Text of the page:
Platelet Rich Plasma


By David Hunnius DO and Matthew Vogt MD at The Sports Medicine and Regenerative Therapeutics Institute - Hinsdale

Congratulations to all who participated in the 2017 Chicago Marathon! Whether it was your first marathon or one of many, it’s a great accomplishment showing dedication to your health and well-being. As the race kicked off my ten-year old son and I set up our table at the CARA sponsored exhibit room at the Palmer House Hilton. We were looking out the window when the first groups of athletes went by five stories below. How impressive it was to see athletes racing in racer chairs and handcycles and then runners on prosthetic lower extremities. What an inspiration! Then came the professional runners in a diamond formation that from above appeared to move like a swift group of one as opposed to separate individuals. Next along came the masses. Some groups were separated by runners that were holding flags representing pace groups that were being led throughout the race. It made me think of the selfless dedication that a pace runner donates of his/her time and the ability to lead a pack of several hundred runners or more to reach a certain goal or PR. Thank you to CARA, the hundreds of volunteers, race organizers, Chicago PD, EMS and all who made the Chicago Marathon a success again in 2017!

In this medical minute we’ll talk about a common runner’s foot injury – plantar fasciitis. We’ll then go on to share a recent case of an ultra-endurance athlete.

The bottom of the foot is composed of a thick ligament called the plantar fascia, which provides support to the arch of the foot. On the bottom of the foot it extends from the heel to the base of the toes. This structure is commonly strained which may cause inflammation and pain. Less well recognized, the plantar fascia at times sustains micro tears that may be visualized by diagnostic ultrasound. Plantar fasciitis often becomes a source of chronic pain due to continued weight bearing with activities of daily living and due to little vascular supply to the ligament which prevents adequate inherent healing ability. Often one will have a sharp heel pain when taking a first step in the morning or after prolonged sitting. It may last for several minutes or even several hours.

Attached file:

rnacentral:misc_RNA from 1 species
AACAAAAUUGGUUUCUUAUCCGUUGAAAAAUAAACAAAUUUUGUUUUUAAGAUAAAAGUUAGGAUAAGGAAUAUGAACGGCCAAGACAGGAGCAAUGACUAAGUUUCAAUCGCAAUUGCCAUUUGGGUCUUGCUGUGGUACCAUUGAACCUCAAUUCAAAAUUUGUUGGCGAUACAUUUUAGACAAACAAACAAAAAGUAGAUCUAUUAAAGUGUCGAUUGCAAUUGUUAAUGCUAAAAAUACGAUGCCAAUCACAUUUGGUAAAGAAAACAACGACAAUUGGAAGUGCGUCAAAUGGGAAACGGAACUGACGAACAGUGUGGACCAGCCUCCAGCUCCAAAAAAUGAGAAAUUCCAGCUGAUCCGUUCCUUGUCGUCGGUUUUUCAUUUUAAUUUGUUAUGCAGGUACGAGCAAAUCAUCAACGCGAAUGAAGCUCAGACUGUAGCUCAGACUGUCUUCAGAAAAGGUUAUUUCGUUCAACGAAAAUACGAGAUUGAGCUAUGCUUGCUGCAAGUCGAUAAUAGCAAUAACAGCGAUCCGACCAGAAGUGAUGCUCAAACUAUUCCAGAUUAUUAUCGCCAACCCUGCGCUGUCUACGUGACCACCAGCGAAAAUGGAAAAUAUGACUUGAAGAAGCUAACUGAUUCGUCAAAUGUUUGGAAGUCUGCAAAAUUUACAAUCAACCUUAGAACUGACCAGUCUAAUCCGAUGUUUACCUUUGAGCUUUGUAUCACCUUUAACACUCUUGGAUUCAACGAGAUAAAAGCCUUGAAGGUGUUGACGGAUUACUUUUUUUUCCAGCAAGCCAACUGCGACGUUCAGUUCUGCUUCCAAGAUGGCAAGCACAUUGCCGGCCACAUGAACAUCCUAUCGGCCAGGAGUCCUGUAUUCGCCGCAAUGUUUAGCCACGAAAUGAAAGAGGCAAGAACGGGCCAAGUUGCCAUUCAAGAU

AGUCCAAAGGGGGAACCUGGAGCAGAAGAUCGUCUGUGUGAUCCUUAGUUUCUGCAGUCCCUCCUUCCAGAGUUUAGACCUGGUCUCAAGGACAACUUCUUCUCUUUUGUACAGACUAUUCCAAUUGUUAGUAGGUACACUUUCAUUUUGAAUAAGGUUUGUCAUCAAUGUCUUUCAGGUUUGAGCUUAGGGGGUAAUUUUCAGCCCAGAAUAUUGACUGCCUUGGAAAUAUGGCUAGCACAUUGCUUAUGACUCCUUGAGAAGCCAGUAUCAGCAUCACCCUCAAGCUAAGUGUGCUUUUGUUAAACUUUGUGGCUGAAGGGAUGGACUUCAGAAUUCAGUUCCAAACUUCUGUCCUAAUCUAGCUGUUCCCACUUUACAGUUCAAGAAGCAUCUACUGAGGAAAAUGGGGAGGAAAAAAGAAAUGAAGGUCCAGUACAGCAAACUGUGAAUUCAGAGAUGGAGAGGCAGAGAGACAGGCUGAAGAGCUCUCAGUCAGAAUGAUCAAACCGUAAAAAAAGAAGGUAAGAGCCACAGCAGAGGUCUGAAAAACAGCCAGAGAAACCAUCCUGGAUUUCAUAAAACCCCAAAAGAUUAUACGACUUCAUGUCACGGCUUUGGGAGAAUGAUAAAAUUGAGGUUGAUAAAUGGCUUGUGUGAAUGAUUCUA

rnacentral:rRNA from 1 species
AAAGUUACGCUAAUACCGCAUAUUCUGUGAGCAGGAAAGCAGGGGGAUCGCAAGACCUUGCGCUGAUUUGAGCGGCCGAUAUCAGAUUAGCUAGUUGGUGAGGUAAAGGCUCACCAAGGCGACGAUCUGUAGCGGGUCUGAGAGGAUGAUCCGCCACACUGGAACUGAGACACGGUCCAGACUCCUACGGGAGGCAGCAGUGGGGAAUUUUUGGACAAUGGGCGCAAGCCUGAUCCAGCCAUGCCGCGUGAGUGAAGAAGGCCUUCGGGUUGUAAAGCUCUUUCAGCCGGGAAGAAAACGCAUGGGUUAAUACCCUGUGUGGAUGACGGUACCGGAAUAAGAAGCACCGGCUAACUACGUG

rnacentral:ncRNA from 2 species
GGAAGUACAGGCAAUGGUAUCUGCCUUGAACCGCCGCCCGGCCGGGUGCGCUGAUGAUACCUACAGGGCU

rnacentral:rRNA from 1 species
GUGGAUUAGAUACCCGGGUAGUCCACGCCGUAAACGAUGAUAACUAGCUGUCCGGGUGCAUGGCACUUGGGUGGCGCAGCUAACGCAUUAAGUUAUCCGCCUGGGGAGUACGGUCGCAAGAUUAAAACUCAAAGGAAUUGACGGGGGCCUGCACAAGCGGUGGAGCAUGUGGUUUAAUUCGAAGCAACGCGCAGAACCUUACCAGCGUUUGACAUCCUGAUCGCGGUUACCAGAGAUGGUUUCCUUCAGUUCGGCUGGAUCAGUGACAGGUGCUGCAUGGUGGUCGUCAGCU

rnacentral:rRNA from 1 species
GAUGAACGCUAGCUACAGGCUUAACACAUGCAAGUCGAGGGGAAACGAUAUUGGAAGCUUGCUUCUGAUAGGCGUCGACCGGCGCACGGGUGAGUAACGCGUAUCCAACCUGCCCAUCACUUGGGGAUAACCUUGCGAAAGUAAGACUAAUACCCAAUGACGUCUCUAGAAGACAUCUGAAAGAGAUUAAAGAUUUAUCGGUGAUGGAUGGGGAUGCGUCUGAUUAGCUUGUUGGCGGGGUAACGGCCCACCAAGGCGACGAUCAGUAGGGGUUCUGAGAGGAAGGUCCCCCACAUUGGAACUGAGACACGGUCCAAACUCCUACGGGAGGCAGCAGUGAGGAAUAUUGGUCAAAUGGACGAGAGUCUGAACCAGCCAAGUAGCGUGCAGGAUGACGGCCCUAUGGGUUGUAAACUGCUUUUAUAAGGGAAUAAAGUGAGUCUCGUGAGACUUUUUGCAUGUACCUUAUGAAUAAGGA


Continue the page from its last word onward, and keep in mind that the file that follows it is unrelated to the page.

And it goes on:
When plantar fasciitis fails to respond to conservative treatment measures such as physical therapy, there are additional non-operative treatments available. PRP – platelet rich plasma – utilizes your body’s own healing capacity by initiating a cascade that involves growth factors which attract your own stem cells to migrate to the area for enhanced healing. These injections are done in-office under local anesthetic and with ultrasound guidance. It is well tolerated, and improvement can at times be noticed within a couple of weeks. In a 2015 study PRP was shown to be as effective as corticosteroid at 3 and 6 months but unlike steroid the effects did not wear off (1). At 12 months PRP was significantly more effective than steroid. Similar results were found in a meta-analysis of randomized controlled clinical trials just this past month (2).

While physical therapy is usually very effective, should recovery stall, we may recommend adjunctive treatment options. The Astro XO flexible device is one such option that has shown to improve pain control, improve foot biomechanics, and increase dorsiflexion as part of a home therapy program. For further treatment options, or if a plantar fascial tear is seen on ultrasound, we recommend an ultrasound guided biologic injection.

Often times, patients will come to us after suffering from symptoms for a year or more and have already had trials of conservative management. One such patient, an ultra-endurance athlete, started to have plantar fascial pain after running the 2016 marathon. During history taking it was found that the patient ran 17 miles from home to get to the start of the marathon! Over the past year he had a trial of conservative management but was still suffering from heel pain. On ultrasound he was found to have a small plantar fascial tear. He received a single injection of a biologic growth factor product and over a period of a few weeks his pain had significantly improved. By his six-week follow-up his pain had largely resolved.

If you find yourself suffering from plantar fasciitis, contact us for a complete evaluation and treatment options. Our goal is complete recovery and to get you back to your active lifestyle as quickly as possible. The Sports Medicine and Regenerative Therapeutics Institute focuses on pain relief and recovery without surgery. Please visit or call us at 630-922-5071.

  1. Jain K, Murphy PN, Clough TM: Platelet rich plasma versus corticosteroid injection for plantar fasciitis: A comparative study. Foot (Edinb). 2015 Dec;25(4):235-7.

  2. Yang WY, Han YH, Platelet-rich plasma as a treatment for plantar fasciitis: A meta-analysis of randomized controlled trials. Medicine (Baltimore). 2017 Nov;96(44)